By Hillel Aron
By Joseph Tsidulko
By Patrick Range McDonald
By David Futch
By Hillel Aron
By Dennis Romero
By Jill Stewart
By Dennis Romero
|Photo courtesy Kerry-Edwards
2004, Inc./Sharon Farmer
CANTON, Ohio — When Alice Carrington shuffles onto her front porch to answer Dave Leasure’s question — does she prefer Kerry, Bush, Nader or somebody else for president? — she’s cautious at first. “Nobody does us much good,” she mumbles. But as she warms to Leasure’s friendly manner and homeboy bona fides (he’s been a lifelong resident of Canton, except for his time, he notes, in Vietnam), she also warms to the topic of George W. Bush.
“I wouldn’t vote for Bush if you put a pistol to my head,” Carrington cackles. “I’m 88 years old, and he stole me blind over Social Security. This Kerry deserves a chance.”
Leasure, who’s the lead canvasser in Canton for America Coming Together, the largest of the “527s” waging independent campaigns for the Democrats this year, is holding a Palm Pilot that can display five 20-second minifilms on such issues as job loss and the cost of the Iraqi occupation, all customized to Ohio. The Palm Pilot films can be icebreakers on the front porch; already this afternoon there have been two truculent-looking guys who seemed about to slam the door, when Leasure showed them the film on job loss, after which they chatted with Leasure for several minutes about Bush and the collapse of the local economy.
And Alice Carrington initially seems like someone Leasure will need help breaking through to — he’s white, she’s black, and she’s spent her life in working-class Canton, where door-to-door political solicitations have been few and far between. But they connect, and after a few minutes, she invites Leasure into her living room, where he arranges absentee ballots for both her 90-year-old sister, who’s not up to coming to the door anymore, and herself. It’s warm and dark in the room — electricity costs money, after all — but Carrington lights it up with her zeal. “After Florida, nobody could trust Bush, even me,” she says. “I’d like to do what I can” to defeat him.
As sentiments go, that’s some distance from “Nobody does us much good.”
“There’s this ambivalence out there,” says Jeff Rechenbach, who heads up the Communications Workers of America’s industrial Midwest region from his Cleveland headquarters, “this rust-belt mentality: Nobody will really be able to help us. It plays into Bush’s hands. People are upset and say it doesn’t make a difference. But when they’re shoved, they fall our way.”
Between now and November 2, Ohio will be the shoving capital of the Western world, the Gettysburg of the battleground states. A state that George W. Bush carried in 2000 by a scant 3.5 percent of the vote, despite the fact that the cosmically inept Gore campaign gave up on the state in early October, a state that has seen the loss of hundreds of thousands of jobs, chiefly good-paying manufacturing jobs, since Bush took office, Ohio is today home to a campaign whose scale and intensity are without parallel in modern American electoral history. The airwaves sag under the weight of the political commercials, but the air war pales alongside the field campaigns that the two sides are waging. Republicans are politicizing the churches right up to, and likely beyond, the limits of the law in a search for enough evangelical voters to keep the state in Bush’s column. They are working furiously to qualify an initiative to outlaw gay marriage, emboldened by the success of such a measure in the Missouri primary two weeks ago, an initiative that brought right-wing voters to the polls in record numbers.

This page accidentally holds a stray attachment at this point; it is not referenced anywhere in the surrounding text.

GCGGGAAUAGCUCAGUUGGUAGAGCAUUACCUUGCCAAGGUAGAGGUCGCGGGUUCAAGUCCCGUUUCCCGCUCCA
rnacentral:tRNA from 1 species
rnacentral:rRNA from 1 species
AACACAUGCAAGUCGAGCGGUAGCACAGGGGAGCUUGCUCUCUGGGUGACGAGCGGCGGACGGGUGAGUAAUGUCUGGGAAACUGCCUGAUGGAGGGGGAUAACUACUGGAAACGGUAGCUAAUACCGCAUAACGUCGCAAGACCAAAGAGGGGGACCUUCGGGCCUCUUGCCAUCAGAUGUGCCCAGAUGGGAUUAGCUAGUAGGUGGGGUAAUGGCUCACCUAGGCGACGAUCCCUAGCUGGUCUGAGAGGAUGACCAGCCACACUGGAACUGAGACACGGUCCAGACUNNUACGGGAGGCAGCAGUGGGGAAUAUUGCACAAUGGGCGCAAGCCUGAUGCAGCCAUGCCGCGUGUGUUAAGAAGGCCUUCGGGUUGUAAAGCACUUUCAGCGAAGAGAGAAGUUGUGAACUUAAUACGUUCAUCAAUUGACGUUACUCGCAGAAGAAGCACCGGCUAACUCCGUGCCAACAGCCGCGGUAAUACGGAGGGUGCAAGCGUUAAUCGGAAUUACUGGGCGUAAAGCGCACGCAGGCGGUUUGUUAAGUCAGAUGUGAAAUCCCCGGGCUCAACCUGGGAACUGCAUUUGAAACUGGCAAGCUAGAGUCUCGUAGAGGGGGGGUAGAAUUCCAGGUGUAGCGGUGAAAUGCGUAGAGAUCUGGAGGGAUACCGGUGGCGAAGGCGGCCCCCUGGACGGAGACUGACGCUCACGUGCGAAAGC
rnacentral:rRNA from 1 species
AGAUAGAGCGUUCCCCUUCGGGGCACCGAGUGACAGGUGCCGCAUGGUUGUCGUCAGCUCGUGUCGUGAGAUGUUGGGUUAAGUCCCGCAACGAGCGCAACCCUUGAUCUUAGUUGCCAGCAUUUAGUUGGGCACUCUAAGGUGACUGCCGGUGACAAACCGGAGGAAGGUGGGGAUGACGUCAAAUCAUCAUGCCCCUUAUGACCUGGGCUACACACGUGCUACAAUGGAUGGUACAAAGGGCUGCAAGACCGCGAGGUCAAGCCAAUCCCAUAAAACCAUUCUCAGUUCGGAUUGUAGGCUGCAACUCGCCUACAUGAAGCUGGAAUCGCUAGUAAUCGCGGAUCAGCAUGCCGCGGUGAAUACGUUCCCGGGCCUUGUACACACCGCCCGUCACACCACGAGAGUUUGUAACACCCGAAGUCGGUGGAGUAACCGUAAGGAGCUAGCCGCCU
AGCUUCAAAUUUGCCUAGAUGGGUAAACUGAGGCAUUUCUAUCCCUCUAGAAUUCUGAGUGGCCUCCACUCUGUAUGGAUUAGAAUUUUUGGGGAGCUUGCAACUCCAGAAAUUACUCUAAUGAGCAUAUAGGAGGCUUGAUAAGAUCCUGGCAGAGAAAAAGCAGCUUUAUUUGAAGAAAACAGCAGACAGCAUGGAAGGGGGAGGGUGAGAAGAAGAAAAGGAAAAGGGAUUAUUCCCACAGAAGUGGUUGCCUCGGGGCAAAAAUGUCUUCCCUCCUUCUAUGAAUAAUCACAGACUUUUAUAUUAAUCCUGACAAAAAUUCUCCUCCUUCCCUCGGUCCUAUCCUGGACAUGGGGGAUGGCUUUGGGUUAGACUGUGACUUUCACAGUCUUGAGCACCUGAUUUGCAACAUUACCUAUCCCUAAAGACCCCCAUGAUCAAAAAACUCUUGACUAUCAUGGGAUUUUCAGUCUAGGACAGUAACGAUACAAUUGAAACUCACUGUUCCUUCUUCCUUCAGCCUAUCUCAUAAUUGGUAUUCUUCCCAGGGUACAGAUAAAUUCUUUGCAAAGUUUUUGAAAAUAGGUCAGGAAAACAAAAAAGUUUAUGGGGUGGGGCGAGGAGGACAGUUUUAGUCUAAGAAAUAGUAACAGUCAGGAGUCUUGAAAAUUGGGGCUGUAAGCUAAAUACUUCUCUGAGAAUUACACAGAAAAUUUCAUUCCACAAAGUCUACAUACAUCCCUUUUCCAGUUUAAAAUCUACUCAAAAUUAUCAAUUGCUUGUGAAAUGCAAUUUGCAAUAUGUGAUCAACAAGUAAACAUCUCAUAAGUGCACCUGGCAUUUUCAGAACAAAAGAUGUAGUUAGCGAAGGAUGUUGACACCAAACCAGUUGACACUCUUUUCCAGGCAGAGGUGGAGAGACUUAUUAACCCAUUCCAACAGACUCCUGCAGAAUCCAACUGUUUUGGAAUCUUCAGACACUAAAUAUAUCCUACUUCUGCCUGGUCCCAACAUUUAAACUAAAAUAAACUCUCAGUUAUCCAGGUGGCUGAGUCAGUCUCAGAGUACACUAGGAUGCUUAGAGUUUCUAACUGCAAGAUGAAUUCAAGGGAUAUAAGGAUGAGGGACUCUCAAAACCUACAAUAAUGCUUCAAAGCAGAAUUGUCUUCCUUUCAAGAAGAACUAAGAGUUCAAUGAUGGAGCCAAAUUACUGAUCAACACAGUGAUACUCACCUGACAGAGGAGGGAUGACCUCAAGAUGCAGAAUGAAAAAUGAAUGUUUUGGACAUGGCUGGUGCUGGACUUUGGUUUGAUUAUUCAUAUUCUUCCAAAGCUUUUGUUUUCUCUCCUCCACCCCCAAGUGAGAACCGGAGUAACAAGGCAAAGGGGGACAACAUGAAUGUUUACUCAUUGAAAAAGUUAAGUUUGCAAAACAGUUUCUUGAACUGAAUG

On the Democratic side, the state party has long been one of American politics’ bad jokes — barely able to field statewide candidates. But Ohio has always been the number-one target for America Coming Together, the de facto ground campaign for Democrats this year now that campaign-finance reform has made it impossible for the national and state parties to raise soft money. Funded by huge contributions from the Service Employees International Union (over 2,000 of whose members will work full time for ACT as of Labor Day), George Soros and numerous other wealthy liberals, ACT will spend a breathtaking $15 million on its field campaign in Ohio alone, says Steve Rosenthal, the former political director of the national AFL-CIO who is now ACT’s national president.
To put that in some context, I doubt there’s ever been an election in California where the cost of the field campaign of one of the parties, plus those of its respective labor or business allies, came to more than $5 million. And California is three times as large as Ohio. (ACT is also planning to spend $12 million in Florida, and smaller amounts in the 15 other battleground states.)
In the field since February — though it took several months for political journalists to even pick up on its existence — Ohio ACT has already contacted close to half a million voters at their doors, 18,000 of them in Canton, according to Jesse Goode, its communications director. Leasure came onboard in February; like a number of ACT’s Canton canvassers, he used to work at the local Republic Steel plant, which at its height employed over 20,000 workers but which today is all but abandoned. Bob Fothergill, who heads ACT’s Canton office, worked at the plant until 2001, when it was purchased by an Indian-based conglomerate that paid Fothergill and his fellow workers to pack up the more usable equipment and ship it to China. (Both Fothergill and Leasure were union stewards in the plant, but this is their first political campaign, which conveys some sense of the decay of the United Steelworkers and the Ohio Democrats — at one time, both political powerhouses — over the past decade or two.)